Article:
At age 16, I walked into my small town's local newspaper and asked if I could write for them. The owner had no staff writers, and she agreed to turn me loose on a story.
I wrote about a local business and went on to write about many more. At the time, I regularly studied good writing, in school and in everything I read.
Twenty-six years later, I still write about businesses, now as a case study copywriter. But while I have been working IN writing, I haven't always worked ON my writing.
Daily writing is only part of improving as a writer. You also need conscious effort and external influences - worthy examples and honest peer feedback - to move forward.
It's just in the past couple of years that I have started working on my writing again. I study how news and feature stories are written. I analyze other copywriting. And I'm taking a writing class this fall.
I also took the step of getting feedback on the occasional case study from a seasoned magazine and book author - and my writing immediately improved. How? I learned I was leaving out a big ingredient that would make my writing more interesting: details.
Mental Pics for Readers
Over the past year, I've written 20 or so success stories on copywriters trained by American Writers and Artists, Inc. (AWAI). In showing the evolution of their writing careers, I discovered countless opportunities for detail.
Instead of saying, "She's been writing since she was a child," I learned to say, "She started writing horse stories in her Hello Kitty notebook in third grade."
I could say, "She did odd jobs to make ends meet," or "She organized shoes at Macy's and spun Blizzards at Dairy Queen."
See how detail takes a statement from "telling" to crafting a picture for the reader?
What about Tech Case Studies?
In case studies about technology, adding detail doesn't mean more technical detail. Leave those in Tech Specs boxes on the website or in data sheets, not within a narrative. Keep a customer case study focused on the customer's experience.
In a tech case study, adding detail looks something like this:
“It took marketing teams days or weeks to pull all the data they needed for a campaign.”
Instead of this...
“Marketing teams were slow to get campaigns out the door.”
“The school upgraded its entire computer lab for one-third the cost it would have spent on traditional PCs.”
Instead of this...
The school upgraded its computer lab for significantly less cost compared to traditional PCs.”
In a recent case study I wrote for a large B2B company, I included numerous details about the featured customer, a sports stadium:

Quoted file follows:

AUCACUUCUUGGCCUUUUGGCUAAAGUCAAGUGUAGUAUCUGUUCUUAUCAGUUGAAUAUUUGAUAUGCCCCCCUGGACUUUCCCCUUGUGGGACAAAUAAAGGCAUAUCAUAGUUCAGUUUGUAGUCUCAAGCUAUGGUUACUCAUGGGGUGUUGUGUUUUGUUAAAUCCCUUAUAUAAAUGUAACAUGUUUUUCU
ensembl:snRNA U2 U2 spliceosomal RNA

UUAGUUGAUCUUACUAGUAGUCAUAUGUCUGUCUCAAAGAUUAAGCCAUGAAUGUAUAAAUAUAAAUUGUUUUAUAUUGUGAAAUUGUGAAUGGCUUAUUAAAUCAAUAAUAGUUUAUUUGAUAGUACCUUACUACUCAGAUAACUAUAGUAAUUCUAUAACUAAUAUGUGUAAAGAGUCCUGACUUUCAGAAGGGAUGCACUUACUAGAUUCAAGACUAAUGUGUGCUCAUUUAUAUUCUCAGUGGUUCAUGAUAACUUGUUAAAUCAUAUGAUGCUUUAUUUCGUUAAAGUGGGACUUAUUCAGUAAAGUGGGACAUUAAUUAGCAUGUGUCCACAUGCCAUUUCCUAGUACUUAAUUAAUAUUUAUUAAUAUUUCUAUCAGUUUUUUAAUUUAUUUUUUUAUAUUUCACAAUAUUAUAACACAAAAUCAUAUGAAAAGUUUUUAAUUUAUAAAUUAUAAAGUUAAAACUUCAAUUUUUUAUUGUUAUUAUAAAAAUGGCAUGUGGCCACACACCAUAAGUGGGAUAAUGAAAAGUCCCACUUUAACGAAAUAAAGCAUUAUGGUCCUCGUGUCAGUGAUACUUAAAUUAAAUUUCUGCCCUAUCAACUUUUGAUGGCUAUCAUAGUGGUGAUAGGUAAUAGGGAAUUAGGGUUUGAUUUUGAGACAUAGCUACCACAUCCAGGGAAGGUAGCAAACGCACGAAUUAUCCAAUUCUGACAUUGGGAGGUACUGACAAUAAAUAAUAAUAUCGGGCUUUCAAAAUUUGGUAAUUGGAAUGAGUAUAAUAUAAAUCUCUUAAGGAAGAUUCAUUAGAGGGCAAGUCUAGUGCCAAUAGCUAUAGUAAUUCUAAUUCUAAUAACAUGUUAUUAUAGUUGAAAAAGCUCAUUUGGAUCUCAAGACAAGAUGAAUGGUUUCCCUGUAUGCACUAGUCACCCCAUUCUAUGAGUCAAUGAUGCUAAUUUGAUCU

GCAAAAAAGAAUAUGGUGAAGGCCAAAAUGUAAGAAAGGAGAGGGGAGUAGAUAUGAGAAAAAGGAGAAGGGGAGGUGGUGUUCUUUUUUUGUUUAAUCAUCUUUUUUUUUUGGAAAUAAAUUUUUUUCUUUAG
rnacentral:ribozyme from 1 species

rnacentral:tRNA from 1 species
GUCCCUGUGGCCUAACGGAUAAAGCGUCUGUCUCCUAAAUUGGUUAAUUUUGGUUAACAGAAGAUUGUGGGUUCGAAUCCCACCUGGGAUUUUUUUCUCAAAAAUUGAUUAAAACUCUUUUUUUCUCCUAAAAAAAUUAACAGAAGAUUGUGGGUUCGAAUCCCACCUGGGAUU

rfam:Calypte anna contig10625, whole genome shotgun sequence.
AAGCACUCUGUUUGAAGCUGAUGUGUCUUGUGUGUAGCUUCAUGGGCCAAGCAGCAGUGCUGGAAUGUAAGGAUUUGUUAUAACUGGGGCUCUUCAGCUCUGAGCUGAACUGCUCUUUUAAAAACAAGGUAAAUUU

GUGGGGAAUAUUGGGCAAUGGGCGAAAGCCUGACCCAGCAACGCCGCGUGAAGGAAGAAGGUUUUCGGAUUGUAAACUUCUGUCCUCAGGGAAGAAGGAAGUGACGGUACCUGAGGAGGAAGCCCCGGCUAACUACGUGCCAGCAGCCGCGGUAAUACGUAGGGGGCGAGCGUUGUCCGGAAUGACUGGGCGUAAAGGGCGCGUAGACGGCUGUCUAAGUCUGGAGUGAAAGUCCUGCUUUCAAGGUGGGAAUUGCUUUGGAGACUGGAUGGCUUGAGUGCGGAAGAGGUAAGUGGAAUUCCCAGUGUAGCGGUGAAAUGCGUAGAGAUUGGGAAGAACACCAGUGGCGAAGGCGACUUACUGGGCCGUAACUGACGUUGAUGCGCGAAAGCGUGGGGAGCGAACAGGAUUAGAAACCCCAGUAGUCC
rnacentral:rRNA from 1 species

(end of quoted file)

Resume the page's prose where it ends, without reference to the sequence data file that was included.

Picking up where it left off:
- How many people packed the stadium for its biggest-ever event
- The number of photographers and journalists in attendance
- How slow Internet previously forced journalists to go inside to transmit their photos and stories
- How much VIP guests paid for their tickets
- Who won the game!
It's in the details that stories fully form and remain in readers' minds.
What details can you add to your writing - today?
Last month, we did what we never expected: we bought a fixer-upper home – we, who can change a light bulb but do little else.
Only a few square feet have been updated since our home was built nearly 30 years ago. Ideally, we’d land on some reality-TV show where the renovators would swoop in and fix it all lickety-split while we are on vacation.
I’ll call HGTV. But meanwhile, we’re reaching out to multiple vendors and contractors to tackle a wish-list longer than our block. Yet, we’re barely moving forward.
That’s because we’re trying to wade through a sea of potential vendors who can help, most immediately, with floors and doors. We want to buy but distinguishing one vendor from another is tough and time-sapping.
You know what would help? Some juicy customer stories showing how a vendor provided a positive experience for other homeowners.
But website after website show no sign of the customer’s voice. It’s all “we can do this and that for you.”
Sure, we have sites such as Yelp and Angie’s List, but often, those free-form reviews are not answering the primary questions we have.
What’s it like to work with a vendor? Are they responsive? Are they professional? Are they knowledgeable? Do they do quality work?